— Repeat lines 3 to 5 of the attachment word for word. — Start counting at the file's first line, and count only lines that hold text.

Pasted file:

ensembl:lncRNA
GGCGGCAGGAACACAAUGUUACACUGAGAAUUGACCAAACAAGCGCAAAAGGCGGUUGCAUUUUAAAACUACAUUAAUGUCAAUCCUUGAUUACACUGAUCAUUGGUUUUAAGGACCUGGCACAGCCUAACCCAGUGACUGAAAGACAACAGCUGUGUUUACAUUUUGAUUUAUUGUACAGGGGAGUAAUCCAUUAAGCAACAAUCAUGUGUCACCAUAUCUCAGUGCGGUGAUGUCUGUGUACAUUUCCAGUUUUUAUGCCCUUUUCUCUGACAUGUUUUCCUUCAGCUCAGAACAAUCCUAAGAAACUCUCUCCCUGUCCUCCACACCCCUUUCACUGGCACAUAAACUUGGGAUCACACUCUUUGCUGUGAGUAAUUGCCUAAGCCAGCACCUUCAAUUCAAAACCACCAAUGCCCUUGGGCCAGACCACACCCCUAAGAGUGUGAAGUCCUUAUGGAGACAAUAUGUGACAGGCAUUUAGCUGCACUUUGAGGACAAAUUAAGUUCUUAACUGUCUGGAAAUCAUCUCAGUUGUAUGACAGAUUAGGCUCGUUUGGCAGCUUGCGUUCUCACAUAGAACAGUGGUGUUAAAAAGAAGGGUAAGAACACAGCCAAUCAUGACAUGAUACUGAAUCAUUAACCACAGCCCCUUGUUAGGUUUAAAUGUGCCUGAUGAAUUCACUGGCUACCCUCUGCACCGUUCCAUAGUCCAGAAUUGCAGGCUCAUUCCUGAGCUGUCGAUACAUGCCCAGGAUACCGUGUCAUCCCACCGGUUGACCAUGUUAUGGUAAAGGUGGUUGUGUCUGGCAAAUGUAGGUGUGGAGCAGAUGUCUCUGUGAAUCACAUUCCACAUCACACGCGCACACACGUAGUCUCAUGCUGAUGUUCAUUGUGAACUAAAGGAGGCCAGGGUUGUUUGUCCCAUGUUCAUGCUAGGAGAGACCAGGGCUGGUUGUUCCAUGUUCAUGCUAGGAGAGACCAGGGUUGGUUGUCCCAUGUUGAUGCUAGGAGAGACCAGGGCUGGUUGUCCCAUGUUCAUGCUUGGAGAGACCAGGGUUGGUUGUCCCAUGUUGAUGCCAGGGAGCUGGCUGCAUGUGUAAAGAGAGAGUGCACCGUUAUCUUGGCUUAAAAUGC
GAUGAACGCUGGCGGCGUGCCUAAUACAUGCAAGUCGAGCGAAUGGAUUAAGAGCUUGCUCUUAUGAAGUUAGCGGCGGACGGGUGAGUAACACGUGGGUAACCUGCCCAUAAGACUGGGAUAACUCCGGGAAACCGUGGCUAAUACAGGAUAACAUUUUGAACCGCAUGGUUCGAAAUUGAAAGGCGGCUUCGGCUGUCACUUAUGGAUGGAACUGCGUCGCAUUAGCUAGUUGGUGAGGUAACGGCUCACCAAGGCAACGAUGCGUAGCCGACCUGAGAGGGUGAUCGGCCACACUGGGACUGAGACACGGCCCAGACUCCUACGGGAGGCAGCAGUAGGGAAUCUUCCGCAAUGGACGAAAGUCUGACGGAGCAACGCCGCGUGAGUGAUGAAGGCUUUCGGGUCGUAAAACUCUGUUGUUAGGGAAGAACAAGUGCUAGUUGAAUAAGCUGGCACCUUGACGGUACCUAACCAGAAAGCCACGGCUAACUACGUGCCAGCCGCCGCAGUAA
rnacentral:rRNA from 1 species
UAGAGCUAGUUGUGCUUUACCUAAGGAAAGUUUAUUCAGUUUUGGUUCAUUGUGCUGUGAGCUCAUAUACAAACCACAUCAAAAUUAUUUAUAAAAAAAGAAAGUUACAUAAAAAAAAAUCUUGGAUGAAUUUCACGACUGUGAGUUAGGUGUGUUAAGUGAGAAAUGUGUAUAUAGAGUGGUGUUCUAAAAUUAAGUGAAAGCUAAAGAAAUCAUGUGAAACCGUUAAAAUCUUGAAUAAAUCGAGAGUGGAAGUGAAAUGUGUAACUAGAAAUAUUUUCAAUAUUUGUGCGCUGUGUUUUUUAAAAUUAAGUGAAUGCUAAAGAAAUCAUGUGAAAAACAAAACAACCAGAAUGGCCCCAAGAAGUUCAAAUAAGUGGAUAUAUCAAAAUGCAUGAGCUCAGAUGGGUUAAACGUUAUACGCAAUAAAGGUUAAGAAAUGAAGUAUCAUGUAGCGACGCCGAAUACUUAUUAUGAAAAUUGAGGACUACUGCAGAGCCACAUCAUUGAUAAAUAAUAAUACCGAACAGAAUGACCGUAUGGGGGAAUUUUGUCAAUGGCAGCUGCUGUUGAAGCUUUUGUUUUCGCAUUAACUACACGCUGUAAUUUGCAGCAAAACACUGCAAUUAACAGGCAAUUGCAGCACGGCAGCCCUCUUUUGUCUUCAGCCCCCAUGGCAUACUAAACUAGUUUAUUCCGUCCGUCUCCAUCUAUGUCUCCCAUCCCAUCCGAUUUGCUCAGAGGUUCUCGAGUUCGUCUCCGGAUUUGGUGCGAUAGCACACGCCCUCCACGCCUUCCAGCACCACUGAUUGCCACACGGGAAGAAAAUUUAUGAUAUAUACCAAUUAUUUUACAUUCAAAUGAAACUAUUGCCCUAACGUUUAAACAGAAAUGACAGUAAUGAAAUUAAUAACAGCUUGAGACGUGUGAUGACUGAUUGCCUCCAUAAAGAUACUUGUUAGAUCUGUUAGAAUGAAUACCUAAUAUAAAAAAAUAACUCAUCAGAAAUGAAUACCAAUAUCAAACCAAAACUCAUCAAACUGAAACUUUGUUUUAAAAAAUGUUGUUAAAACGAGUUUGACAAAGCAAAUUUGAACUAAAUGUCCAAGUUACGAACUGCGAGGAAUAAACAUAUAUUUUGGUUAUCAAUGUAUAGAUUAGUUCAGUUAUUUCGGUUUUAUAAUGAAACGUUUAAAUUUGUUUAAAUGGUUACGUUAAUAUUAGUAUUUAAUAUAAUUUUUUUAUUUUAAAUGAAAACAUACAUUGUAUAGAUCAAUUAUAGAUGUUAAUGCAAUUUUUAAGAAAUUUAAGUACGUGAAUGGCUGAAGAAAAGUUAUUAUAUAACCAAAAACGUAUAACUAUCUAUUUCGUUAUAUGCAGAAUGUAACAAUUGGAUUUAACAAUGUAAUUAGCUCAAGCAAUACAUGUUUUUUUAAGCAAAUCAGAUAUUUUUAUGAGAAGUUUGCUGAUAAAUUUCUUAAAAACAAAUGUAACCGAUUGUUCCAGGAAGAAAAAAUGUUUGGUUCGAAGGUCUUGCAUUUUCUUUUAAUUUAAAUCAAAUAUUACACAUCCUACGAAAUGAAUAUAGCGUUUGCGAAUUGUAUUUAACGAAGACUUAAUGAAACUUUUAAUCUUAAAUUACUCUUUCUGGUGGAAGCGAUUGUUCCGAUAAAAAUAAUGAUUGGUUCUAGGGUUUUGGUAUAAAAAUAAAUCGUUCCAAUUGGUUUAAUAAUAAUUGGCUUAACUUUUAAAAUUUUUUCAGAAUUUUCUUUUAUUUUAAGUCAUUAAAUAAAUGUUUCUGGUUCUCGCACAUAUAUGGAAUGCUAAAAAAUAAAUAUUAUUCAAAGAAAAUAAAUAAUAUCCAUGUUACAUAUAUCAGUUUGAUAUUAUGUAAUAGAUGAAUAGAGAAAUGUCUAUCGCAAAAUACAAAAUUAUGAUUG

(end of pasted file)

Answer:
GAUGAACGCUGGCGGCGUGCCUAAUACAUGCAAGUCGAGCGAAUGGAUUAAGAGCUUGCUCUUAUGAAGUUAGCGGCGGACGGGUGAGUAACACGUGGGUAACCUGCCCAUAAGACUGGGAUAACUCCGGGAAACCGUGGCUAAUACAGGAUAACAUUUUGAACCGCAUGGUUCGAAAUUGAAAGGCGGCUUCGGCUGUCACUUAUGGAUGGAACUGCGUCGCAUUAGCUAGUUGGUGAGGUAACGGCUCACCAAGGCAACGAUGCGUAGCCGACCUGAGAGGGUGAUCGGCCACACUGGGACUGAGACACGGCCCAGACUCCUACGGGAGGCAGCAGUAGGGAAUCUUCCGCAAUGGACGAAAGUCUGACGGAGCAACGCCGCGUGAGUGAUGAAGGCUUUCGGGUCGUAAAACUCUGUUGUUAGGGAAGAACAAGUGCUAGUUGAAUAAGCUGGCACCUUGACGGUACCUAACCAGAAAGCCACGGCUAACUACGUGCCAGCCGCCGCAGUAA
rnacentral:rRNA from 1 species
UAGAGCUAGUUGUGCUUUACCUAAGGAAAGUUUAUUCAGUUUUGGUUCAUUGUGCUGUGAGCUCAUAUACAAACCACAUCAAAAUUAUUUAUAAAAAAAGAAAGUUACAUAAAAAAAAAUCUUGGAUGAAUUUCACGACUGUGAGUUAGGUGUGUUAAGUGAGAAAUGUGUAUAUAGAGUGGUGUUCUAAAAUUAAGUGAAAGCUAAAGAAAUCAUGUGAAACCGUUAAAAUCUUGAAUAAAUCGAGAGUGGAAGUGAAAUGUGUAACUAGAAAUAUUUUCAAUAUUUGUGCGCUGUGUUUUUUAAAAUUAAGUGAAUGCUAAAGAAAUCAUGUGAAAAACAAAACAACCAGAAUGGCCCCAAGAAGUUCAAAUAAGUGGAUAUAUCAAAAUGCAUGAGCUCAGAUGGGUUAAACGUUAUACGCAAUAAAGGUUAAGAAAUGAAGUAUCAUGUAGCGACGCCGAAUACUUAUUAUGAAAAUUGAGGACUACUGCAGAGCCACAUCAUUGAUAAAUAAUAAUACCGAACAGAAUGACCGUAUGGGGGAAUUUUGUCAAUGGCAGCUGCUGUUGAAGCUUUUGUUUUCGCAUUAACUACACGCUGUAAUUUGCAGCAAAACACUGCAAUUAACAGGCAAUUGCAGCACGGCAGCCCUCUUUUGUCUUCAGCCCCCAUGGCAUACUAAACUAGUUUAUUCCGUCCGUCUCCAUCUAUGUCUCCCAUCCCAUCCGAUUUGCUCAGAGGUUCUCGAGUUCGUCUCCGGAUUUGGUGCGAUAGCACACGCCCUCCACGCCUUCCAGCACCACUGAUUGCCACACGGGAAGAAAAUUUAUGAUAUAUACCAAUUAUUUUACAUUCAAAUGAAACUAUUGCCCUAACGUUUAAACAGAAAUGACAGUAAUGAAAUUAAUAACAGCUUGAGACGUGUGAUGACUGAUUGCCUCCAUAAAGAUACUUGUUAGAUCUGUUAGAAUGAAUACCUAAUAUAAAAAAAUAACUCAUCAGAAAUGAAUACCAAUAUCAAACCAAAACUCAUCAAACUGAAACUUUGUUUUAAAAAAUGUUGUUAAAACGAGUUUGACAAAGCAAAUUUGAACUAAAUGUCCAAGUUACGAACUGCGAGGAAUAAACAUAUAUUUUGGUUAUCAAUGUAUAGAUUAGUUCAGUUAUUUCGGUUUUAUAAUGAAACGUUUAAAUUUGUUUAAAUGGUUACGUUAAUAUUAGUAUUUAAUAUAAUUUUUUUAUUUUAAAUGAAAACAUACAUUGUAUAGAUCAAUUAUAGAUGUUAAUGCAAUUUUUAAGAAAUUUAAGUACGUGAAUGGCUGAAGAAAAGUUAUUAUAUAACCAAAAACGUAUAACUAUCUAUUUCGUUAUAUGCAGAAUGUAACAAUUGGAUUUAACAAUGUAAUUAGCUCAAGCAAUACAUGUUUUUUUAAGCAAAUCAGAUAUUUUUAUGAGAAGUUUGCUGAUAAAUUUCUUAAAAACAAAUGUAACCGAUUGUUCCAGGAAGAAAAAAUGUUUGGUUCGAAGGUCUUGCAUUUUCUUUUAAUUUAAAUCAAAUAUUACACAUCCUACGAAAUGAAUAUAGCGUUUGCGAAUUGUAUUUAACGAAGACUUAAUGAAACUUUUAAUCUUAAAUUACUCUUUCUGGUGGAAGCGAUUGUUCCGAUAAAAAUAAUGAUUGGUUCUAGGGUUUUGGUAUAAAAAUAAAUCGUUCCAAUUGGUUUAAUAAUAAUUGGCUUAACUUUUAAAAUUUUUUCAGAAUUUUCUUUUAUUUUAAGUCAUUAAAUAAAUGUUUCUGGUUCUCGCACAUAUAUGGAAUGCUAAAAAAUAAAUAUUAUUCAAAGAAAAUAAAUAAUAUCCAUGUUACAUAUAUCAGUUUGAUAUUAUGUAAUAGAUGAAUAGAGAAAUGUCUAUCGCAAAAUACAAAAUUAUGAUUG